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BACKGROUND: Blue light is a high-energy or short-wavelength visible light, which induces retinal diseases such as age-related macular degeneration and retinitis pigmentosa. Bilberry (Vaccinium myrtillus L.) and lingonberry (Vaccinium vitis-idaea) contain high amounts of polyphenols (anthocyanins, resveratrol, and proanthocyanidins) and thus confer health benefits. This study aimed to determine the protective effects and mechanism of action of bilberry extract (B-ext) and lingonberry extract (L-ext) and their active components against blue light-emitting diode (LED) light-induced retinal photoreceptor cell damage. METHODS: Cultured murine photoreceptor (661 W) cells were exposed to blue LED light following treatment with B-ext, L-ext, or their constituents (cyanidin, delphinidin, malvidin, trans-resveratrol, and procyanidin B2). 661 W cell viability was assessed using a tetrazolium salt (WST-8) assay and Hoechst 33342 nuclear staining, and intracellular reactive oxygen species (ROS) production was determined using CM-H2DCFDA after blue LED light exposure. Activation of p38 mitogen-activated protein kinase (p38 MAPK), nuclear factor-kappa B (NF-kappaB), and LC3, an ubiquitin-like protein that is necessary for the formation of autophagosomes, were analyzed using Western blotting. Caspase-3/7 activation caused by blue LED light exposure in 661 W cells was determined using a caspase-3/7 assay kit. RESULTS: B-ext, L-ext, NAC, and their active components improved the viability of 661 W cells and inhibited the generation of intracellular ROS induced by blue LED light irradiation. Furthermore, B-ext and L-ext inhibited the activation of p38 MAPK and NF-kappaB induced by blue LED light exposure. Finally, B-ext, L-ext, and NAC inhibited caspase-3/7 activation and autophagy. CONCLUSIONS: These findings suggest that B-ext and L-ext containing high amounts of polyphenols exert protective effects against blue LED light-induced retinal photoreceptor cell damage mainly through inhibition of ROS production and activation of pro-apoptotic proteins.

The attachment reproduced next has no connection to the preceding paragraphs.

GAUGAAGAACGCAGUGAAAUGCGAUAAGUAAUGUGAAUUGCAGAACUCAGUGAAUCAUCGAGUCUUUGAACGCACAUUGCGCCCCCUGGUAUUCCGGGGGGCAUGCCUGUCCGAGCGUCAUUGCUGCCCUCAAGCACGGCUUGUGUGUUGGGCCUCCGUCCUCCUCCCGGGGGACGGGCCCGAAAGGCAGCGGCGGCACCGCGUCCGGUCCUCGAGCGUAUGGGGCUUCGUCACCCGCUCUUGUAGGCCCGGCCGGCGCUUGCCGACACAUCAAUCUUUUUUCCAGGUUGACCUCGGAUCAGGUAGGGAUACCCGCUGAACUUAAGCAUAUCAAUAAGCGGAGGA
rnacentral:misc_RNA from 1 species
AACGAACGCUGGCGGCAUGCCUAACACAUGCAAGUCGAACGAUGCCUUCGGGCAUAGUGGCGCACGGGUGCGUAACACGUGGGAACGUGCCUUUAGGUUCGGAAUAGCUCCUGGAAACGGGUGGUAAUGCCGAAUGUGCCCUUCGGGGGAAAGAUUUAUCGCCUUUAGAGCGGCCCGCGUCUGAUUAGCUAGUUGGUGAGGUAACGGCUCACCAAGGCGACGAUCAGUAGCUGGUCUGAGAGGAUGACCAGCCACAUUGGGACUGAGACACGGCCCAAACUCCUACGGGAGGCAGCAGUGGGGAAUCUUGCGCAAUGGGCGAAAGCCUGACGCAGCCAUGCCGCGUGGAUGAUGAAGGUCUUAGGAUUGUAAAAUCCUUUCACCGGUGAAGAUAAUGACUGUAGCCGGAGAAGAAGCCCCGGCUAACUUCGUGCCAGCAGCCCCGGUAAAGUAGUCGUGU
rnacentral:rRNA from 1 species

Berry antioxidants: small fruits providing large benefits

Manganaris, G. A.; Goulas, V.; Vicente, A. R.; Terry, L. A.
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Small berry fruits are consumed because of their attractive colour and special taste, and are considered one of the richest sources of natural antioxidants. Their consumption has been linked to the prevention of some chronic and degenerative diseases. The term ‘berry fruits’ encompasses the so-called ‘soft fruits’, primarily strawberry, currants, gooseberry, blackberry, raspberry, blueberry and cranberry. The objective of this review is to highlight the nutraceutical value of berries and to summarize the factors affecting berry fruit antioxidants. Particular attention is given to postharvest and processing operation factors that may affect fruit phytochemical content. The structure-antioxidant relationships for phenolic compounds – the main group of antioxidants in this fruit group – are presented and major areas for future research are identified. (c) 2013 Society of Chemical Industry.